It is well settled that the duty owed by defendant to the child was "coextensive with and concomitant to its physical custody of and control over the child" (Pratt v Robinson, 39 NY2d 554, 560; see Norton v Canandaigua City Sch. Dist., 208 AD2d 282, 285-286, lv denied 85 NY2d 812, rearg denied 86 NY2d 839). At the time of the accident, defendant had not assumed physical custody of the child and she thus remained "out of the orbit of its authority" (Pratt, 39 NY2d at 560). Defendant thus owed no duty to the child in this situation, "and, absent duty, there can be no liability" (Norton, 208 AD2d at 288).
We reject plaintiff's contention that defendant assumed a duty to the child as a consequence of the "potentially hazardous situation" allegedly created by the school bus driver in turning the bus around after missing the bus stop (Ernest v Red Cr. Cent. Sch. Dist., 93 NY2d 664, 671, rearg denied 93 NY2d 1042). Unlike the defendant school district in Ernest, here defendant did not release the child from its custody and control into a situation of immediate and foreseeable danger (cf. id. at 671-672; McDonald v Central School Dist. No. 3 of Towns of Romulus, Varick & Fayette, Seneca County, 179 Misc 333, 335-336, affd 264 App Div 943, affd 289 NY 800). In fact, the child was never in defendant's custody or control on the day of the accident. Instead, the child was and remained in the custody and care of plaintiff, her mother, who was at home at the time of the accident. Plaintiff has cited no cases, and we could find none, where a school district was found to owe a duty of care to a child who was not in its custody at the time of the injury or who was not released from the school district's custody into a hazardous condition that caused the child's injury.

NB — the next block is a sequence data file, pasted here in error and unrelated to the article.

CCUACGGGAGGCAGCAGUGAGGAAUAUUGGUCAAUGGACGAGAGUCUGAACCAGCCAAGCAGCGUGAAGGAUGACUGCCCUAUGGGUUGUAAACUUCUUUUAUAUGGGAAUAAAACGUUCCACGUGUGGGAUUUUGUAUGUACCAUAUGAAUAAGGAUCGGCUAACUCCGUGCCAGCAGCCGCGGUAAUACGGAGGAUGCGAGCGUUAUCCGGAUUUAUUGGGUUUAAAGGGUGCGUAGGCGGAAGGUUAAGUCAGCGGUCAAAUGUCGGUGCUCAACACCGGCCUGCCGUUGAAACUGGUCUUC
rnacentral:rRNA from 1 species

Finally, as the majority concludes, the child's individualized education program did not give rise to a duty on the part of defendant to ensure that she was safe while waiting outside her home for the bus to arrive in the morning (cf. Troy v North Collins Cent. Sch. Dist., 267 AD3d 1023, 1023). Entered: March 22, 2013 Frances E. Cafarell Clerk of the Court